A New Voice...and a Honey Harvest

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You may notice that this post has a little different voice than you’re used to from this blog. That’s because Kris has allowed me to introduce myself and my new role with Connecting City to Farm. I’m Rachel Logan, and recently I’ve come on board as the Director of Media for this purposeful organization. Among other responsibilities, I’m assisting with some of the social media and blog posting. I'm a photographer and delve in graphic design, so I'm helping with both our digital and print presentation. Speaking of social media, if you’re following us on Instagram, you’ve seen that it’s honeybee week. Beekeeping has become pretty personal to me because, after his retirement, my dad began beekeeping as a hobby, and at this point it might be bordering on an obsession.

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In this post, I’m going to share the process of filtering my dad’s first honey harvest. This was in the summer of 2013, and my boys look so much younger! This harvest is the result of his first year of beekeeping, when he had just two hives (I believe he now has 10). He invited us to all come and participate. It was quite a field trip, and, of course, I documented the whole process!

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To prepare for harvesting the honey, Dad had pulled the honey frames from the hives and had gone to a fellow beekeeper’s house to use his filtering facility. That’s the point at which we joined him, there were no bees or hives and we were just going to remove the honey from the frames with as little processing as possible. Basically, we got to be part of the reward and the fun part after months of work. The bees work for months creating their honeycombs in the frames beekeepers provide in their box hives. Eventually, they get full and are ready for harvest.

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To begin, the wax seal on the honey combs has to be opened. The bees sort of lock the honey in place and close it in with wax. Wax removal is done with a rake like comb instrument and a hot knife the melts the outer seal of the honey comb. For a small harvest, this process is not super labor intensive, but you can understand why commercial bee keepers have a more efficient process for the volume of frames in their inventory.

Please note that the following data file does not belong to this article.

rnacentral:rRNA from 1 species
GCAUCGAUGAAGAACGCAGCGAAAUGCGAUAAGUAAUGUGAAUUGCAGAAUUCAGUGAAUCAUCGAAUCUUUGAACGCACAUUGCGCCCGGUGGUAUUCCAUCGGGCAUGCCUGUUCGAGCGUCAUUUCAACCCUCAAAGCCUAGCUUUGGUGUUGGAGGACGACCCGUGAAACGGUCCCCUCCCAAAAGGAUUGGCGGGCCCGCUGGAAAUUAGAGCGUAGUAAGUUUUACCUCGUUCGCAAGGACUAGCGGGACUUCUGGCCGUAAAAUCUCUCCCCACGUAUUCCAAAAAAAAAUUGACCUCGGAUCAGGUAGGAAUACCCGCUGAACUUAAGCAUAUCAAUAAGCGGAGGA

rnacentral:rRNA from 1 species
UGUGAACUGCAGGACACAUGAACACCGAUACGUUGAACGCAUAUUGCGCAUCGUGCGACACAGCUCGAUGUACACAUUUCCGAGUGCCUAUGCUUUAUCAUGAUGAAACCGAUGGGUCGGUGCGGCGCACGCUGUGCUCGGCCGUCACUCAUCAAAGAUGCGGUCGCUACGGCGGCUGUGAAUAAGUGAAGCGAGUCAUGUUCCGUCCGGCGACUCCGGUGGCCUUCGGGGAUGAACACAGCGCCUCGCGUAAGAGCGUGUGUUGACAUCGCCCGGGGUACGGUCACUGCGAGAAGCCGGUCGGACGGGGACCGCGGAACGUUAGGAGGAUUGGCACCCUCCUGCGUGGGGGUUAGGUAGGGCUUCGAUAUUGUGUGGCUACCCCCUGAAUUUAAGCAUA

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As the wax is removed from the frames, it can be collected to use for other things such as candles. It’s a very fragrant byproduct! Interestingly, we have found that cheesecloth that has been used for filtering honey makes great kindling.  

As the wax is removed from the frames, it can be collected to use for other things such as candles. It’s a very fragrant byproduct! Interestingly, we have found that cheesecloth that has been used for filtering honey makes great kindling.

 

Once the honey combs have been opened, the frames are placed in a large, spinning barrel. It can hold several frames at one time. It spins the honey lose from the comb and it collects in the bottom of the barrel.  

Once the honey combs have been opened, the frames are placed in a large, spinning barrel. It can hold several frames at one time. It spins the honey lose from the comb and it collects in the bottom of the barrel.

 

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The honey can then flow from the barrel and into a strainer. The strainer offers just enough filtering to remove any stray bee parts that might have made there way into the process. In this process, little to no heat was used and the straining is minimal, so the end product is as raw as possible.

The honey can then flow from the barrel and into a strainer. The strainer offers just enough filtering to remove any stray bee parts that might have made there way into the process. In this process, little to no heat was used and the straining is minimal, so the end product is as raw as possible.

And, that's basically it! From there, the honey is ready to enjoy. It can be poured into smaller containers and will never spoil. It will eventually crystallize, but can be heated gently to return it to its liquid state. We couldn't wait and sampled it every chance we got!  

And, that's basically it! From there, the honey is ready to enjoy. It can be poured into smaller containers and will never spoil. It will eventually crystallize, but can be heated gently to return it to its liquid state. We couldn't wait and sampled it every chance we got!

 

Our time at the Honey House made for some sweet memories, in every sense of the word! I hope we get to tag along on another harvest soon. 

Our time at the Honey House made for some sweet memories, in every sense of the word! I hope we get to tag along on another harvest soon.